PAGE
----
Image: Lake Boort by Djarra
Yung Balug Clan have cared for the Boort Wetlands as part of a holistic cultural landscape for thousands of years, and it holds ancient lore and presence that is a vital legacy for Yung Balug people living on and managing the Boort landscape today.
The wetlands and surrounding land in the Boort region are rich in cultural heritage, with sites and artefacts of cultural practices present throughout the landscape. The rivers and floodplains are valued as food and fibre sources and contain many sites of significance (such as camp sites and meeting places).
Yung Balug and Djaara have been advocating for cultural flows, water rights (water governance) and returning water to the rivers and wetlands. Djaara and Yung Balug have been promoters for environmental watering at Lake Boort for a number of years, with conversations leading to input into the 2021-22 Seasonal Watering Proposal (SWP) for Lake Boort, developed by the North Central Catchment Management Authority. Djaara guided the development of a target water level for Lake Boort by ensuring alignment with the watering requirements (depth and season) for culturally significant species, such as spiny flat-sedge.
In 2022, Djaara and North Central CMA co-delivered the first delivery of water for the environment to Lake Boort. One low level partial fill was delivered in autumn/winter to ‘prime’ the wetland after a long dry period, and one larger top up followed in winter/spring to reach culturally significant vegetation.
Following the second watering, Yung Balug conducted a Traditional Welcome Water to Country Ceremony and Smoking Ceremony which provided an opportunity for Yung Balug to directly connect with their culture and highlight the importance of their involvement in caring for the waterway.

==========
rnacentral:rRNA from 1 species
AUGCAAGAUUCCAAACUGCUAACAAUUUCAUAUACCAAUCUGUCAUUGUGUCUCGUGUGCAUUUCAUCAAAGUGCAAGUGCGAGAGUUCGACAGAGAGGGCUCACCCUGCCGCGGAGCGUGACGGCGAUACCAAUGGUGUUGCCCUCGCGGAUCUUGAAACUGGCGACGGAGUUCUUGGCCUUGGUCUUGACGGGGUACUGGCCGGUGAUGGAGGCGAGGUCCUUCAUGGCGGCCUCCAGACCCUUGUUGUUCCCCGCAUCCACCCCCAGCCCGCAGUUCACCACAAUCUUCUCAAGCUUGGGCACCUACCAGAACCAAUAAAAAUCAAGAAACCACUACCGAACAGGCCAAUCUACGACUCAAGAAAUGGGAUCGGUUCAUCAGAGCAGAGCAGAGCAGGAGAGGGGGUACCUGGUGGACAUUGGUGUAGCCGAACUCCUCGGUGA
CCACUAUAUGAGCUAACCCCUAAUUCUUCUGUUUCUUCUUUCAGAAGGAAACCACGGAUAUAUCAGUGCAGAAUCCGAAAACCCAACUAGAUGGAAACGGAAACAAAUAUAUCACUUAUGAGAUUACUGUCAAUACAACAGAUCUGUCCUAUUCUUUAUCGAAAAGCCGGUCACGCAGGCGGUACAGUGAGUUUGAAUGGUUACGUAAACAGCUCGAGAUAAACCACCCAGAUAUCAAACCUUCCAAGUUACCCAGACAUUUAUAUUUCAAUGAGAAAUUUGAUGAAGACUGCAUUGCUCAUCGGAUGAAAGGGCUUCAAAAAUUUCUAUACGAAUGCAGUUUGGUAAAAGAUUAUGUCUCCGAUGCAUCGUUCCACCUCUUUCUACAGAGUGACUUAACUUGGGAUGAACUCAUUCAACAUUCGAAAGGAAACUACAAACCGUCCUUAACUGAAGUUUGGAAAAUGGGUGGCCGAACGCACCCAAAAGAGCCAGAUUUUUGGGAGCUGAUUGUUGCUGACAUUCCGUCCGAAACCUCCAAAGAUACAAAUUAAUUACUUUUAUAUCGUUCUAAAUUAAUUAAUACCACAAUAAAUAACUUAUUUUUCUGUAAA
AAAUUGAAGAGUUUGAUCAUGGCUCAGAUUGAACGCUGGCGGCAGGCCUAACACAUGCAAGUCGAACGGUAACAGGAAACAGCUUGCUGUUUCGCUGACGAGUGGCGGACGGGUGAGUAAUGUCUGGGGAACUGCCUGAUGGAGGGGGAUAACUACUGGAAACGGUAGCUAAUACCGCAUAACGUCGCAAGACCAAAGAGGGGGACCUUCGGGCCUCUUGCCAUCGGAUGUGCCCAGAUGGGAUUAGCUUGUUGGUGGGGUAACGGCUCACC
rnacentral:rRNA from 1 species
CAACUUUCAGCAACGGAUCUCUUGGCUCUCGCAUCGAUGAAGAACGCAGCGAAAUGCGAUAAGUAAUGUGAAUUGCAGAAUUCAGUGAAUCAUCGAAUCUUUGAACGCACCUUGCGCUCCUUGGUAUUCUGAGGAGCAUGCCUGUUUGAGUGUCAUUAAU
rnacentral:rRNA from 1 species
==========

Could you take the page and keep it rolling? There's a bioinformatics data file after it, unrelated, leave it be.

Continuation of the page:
During the fill and draw down Yung Balug through DJANDAK have conducted a range of monitoring across the Lake Boort complex, including fire and vegetation species mapping and the return of Djandak Wi burning to the landscape. Culturally important species, such as weaving grasses, were also monitored to understand how they change and respond to the watering throughout the year. Combined with Djandak Wi monitoring, this insight enables examination of indicators of climate change and aids in informing plant selection for future reveg, watering and fire events.
Other monitoring conducted by Djandak included general observations of condition, i.e. water quality, photo points, effects of floods and watering on Cultural sites, general tree and vegetation health and ecological vegetation class (EVC) studies, and drone and aerial mapping. The monitoring of Lake Boort with water in the landscape helps to give an idea of condition benchmark to be better able to understand future changes in the condition of the wetland, whilst also building capacity within Yung Balug to be able to take over water management roles and undertake Djaara designed monitoring in the future.
Cultural Heritage monitoring and mapping has also been completed by the Cultural Heritage team at DJAARA with development a Cultural Heritage Management Plan (CHMP) for the wetland underway. Through this process, Yung Balug are gathering pieces of a greater story to explore and potentially secure a World Heritage listing for the site into the future.
- Caitlin Dunolly-Lee, Dhelkunya Dja Gatjin Policy Manager, Dja Dja Wurrung Enterprises trading as DJANDAK, 2023